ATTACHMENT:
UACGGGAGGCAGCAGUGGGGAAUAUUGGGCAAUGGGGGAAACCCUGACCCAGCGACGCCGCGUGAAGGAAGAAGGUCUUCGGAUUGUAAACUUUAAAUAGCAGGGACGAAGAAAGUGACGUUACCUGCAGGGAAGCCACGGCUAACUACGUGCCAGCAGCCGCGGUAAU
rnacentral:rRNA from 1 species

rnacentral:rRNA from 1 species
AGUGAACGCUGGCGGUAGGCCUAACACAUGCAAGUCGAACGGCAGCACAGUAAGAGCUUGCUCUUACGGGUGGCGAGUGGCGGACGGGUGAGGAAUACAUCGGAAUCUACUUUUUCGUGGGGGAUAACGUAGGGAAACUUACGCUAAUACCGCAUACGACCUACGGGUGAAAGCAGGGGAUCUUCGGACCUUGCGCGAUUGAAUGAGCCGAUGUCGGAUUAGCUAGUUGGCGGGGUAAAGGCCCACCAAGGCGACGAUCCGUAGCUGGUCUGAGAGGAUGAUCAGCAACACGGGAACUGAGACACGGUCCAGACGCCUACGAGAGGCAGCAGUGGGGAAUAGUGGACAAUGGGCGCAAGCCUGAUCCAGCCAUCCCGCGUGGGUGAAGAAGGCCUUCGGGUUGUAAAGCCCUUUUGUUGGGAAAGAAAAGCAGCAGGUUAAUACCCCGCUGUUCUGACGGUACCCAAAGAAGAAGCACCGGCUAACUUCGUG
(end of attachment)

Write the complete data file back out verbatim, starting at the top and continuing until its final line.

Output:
UACGGGAGGCAGCAGUGGGGAAUAUUGGGCAAUGGGGGAAACCCUGACCCAGCGACGCCGCGUGAAGGAAGAAGGUCUUCGGAUUGUAAACUUUAAAUAGCAGGGACGAAGAAAGUGACGUUACCUGCAGGGAAGCCACGGCUAACUACGUGCCAGCAGCCGCGGUAAU
rnacentral:rRNA from 1 species

rnacentral:rRNA from 1 species
AGUGAACGCUGGCGGUAGGCCUAACACAUGCAAGUCGAACGGCAGCACAGUAAGAGCUUGCUCUUACGGGUGGCGAGUGGCGGACGGGUGAGGAAUACAUCGGAAUCUACUUUUUCGUGGGGGAUAACGUAGGGAAACUUACGCUAAUACCGCAUACGACCUACGGGUGAAAGCAGGGGAUCUUCGGACCUUGCGCGAUUGAAUGAGCCGAUGUCGGAUUAGCUAGUUGGCGGGGUAAAGGCCCACCAAGGCGACGAUCCGUAGCUGGUCUGAGAGGAUGAUCAGCAACACGGGAACUGAGACACGGUCCAGACGCCUACGAGAGGCAGCAGUGGGGAAUAGUGGACAAUGGGCGCAAGCCUGAUCCAGCCAUCCCGCGUGGGUGAAGAAGGCCUUCGGGUUGUAAAGCCCUUUUGUUGGGAAAGAAAAGCAGCAGGUUAAUACCCCGCUGUUCUGACGGUACCCAAAGAAGAAGCACCGGCUAACUUCGUG